MANILA - The European Union is still committed to providing aid to the Philippines, its envoy said Tuesday, after Manila refused millions of pesos in aid from the bloc.
A delegation from Brussels is headed to Manila as the government's rejection of the P380-million Trade-Related Technical Assistance of TRTA left "a bit of a question mark," EU Ambassador to the Philippines Frank Jessen said.
Even without the TRTA, Jessen said the EU can work "directly" with Philippine government agencies and on a "case by case" basis.
"We have not closed any doors," Jessen said in an exclusive interview with ANC's The Boss.
"We will be pleased to continue the work we are doing in the past," he said.
President Rodrigo Duterte had repeatedly rejected international criticism of his war on drugs, including from the EU. Manila will not accept aid with conditions, his aides had said.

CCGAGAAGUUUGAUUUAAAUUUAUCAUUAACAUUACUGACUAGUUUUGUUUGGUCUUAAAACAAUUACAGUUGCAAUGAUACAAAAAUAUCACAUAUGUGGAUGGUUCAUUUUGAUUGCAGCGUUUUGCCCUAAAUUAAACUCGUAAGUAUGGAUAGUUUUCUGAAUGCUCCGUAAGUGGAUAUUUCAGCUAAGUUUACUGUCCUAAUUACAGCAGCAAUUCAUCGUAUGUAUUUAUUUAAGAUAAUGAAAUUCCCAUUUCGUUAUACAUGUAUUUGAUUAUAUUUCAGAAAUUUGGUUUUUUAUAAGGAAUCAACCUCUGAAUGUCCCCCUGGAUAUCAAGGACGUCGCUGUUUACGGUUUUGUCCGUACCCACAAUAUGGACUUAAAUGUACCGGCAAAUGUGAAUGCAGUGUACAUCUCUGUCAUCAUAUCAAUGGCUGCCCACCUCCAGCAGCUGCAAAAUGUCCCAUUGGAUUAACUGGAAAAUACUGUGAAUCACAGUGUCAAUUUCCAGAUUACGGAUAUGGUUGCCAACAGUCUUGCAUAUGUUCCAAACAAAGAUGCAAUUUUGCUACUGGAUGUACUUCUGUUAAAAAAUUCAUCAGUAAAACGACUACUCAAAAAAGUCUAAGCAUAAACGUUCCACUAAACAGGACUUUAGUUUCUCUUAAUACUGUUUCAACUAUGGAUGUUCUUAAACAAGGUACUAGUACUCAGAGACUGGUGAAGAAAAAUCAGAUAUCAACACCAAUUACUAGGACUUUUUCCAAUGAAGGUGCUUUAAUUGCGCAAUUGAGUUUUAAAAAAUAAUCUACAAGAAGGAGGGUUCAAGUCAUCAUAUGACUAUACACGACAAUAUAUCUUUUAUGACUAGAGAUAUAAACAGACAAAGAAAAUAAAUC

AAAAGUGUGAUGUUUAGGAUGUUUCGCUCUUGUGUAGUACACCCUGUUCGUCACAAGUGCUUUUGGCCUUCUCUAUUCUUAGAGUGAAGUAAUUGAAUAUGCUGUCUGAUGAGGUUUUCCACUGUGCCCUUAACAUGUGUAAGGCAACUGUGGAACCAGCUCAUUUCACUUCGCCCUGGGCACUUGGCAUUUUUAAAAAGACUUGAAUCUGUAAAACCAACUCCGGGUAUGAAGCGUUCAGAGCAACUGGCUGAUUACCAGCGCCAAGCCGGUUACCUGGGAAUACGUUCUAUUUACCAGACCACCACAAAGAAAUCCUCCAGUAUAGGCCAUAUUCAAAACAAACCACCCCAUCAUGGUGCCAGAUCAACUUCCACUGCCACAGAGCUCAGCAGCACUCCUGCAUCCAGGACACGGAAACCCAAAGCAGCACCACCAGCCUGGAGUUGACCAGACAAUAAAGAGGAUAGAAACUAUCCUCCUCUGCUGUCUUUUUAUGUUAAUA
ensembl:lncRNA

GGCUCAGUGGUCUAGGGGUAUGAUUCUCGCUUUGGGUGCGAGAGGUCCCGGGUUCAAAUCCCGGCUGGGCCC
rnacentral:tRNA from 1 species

The TRTA was not signed at the end of 2017 as expected, Jessen said.
"We expect, at the end of the day, to continue much of our development assistance," he said.
Ties between Manila and Brussels are at an "exciting" phase under Duterte, who took office in June 2016, Jessen said.
"President Duterte is trying to take the country to a new level and that makes it exciting because he is trying to change things. He's trying to create a better, more dynamic Philippines," Jessen said.
Asked about the President's criticism of the EU, Jessen said: "What we look at, at the end of the day, is what are the policies. What decisions are taken how the relations are effected by these decisions."
Last week, the EU said the Philippines will keep its zero tariff privileges for certain exports under the bloc's Generalized Scheme of Preferences.
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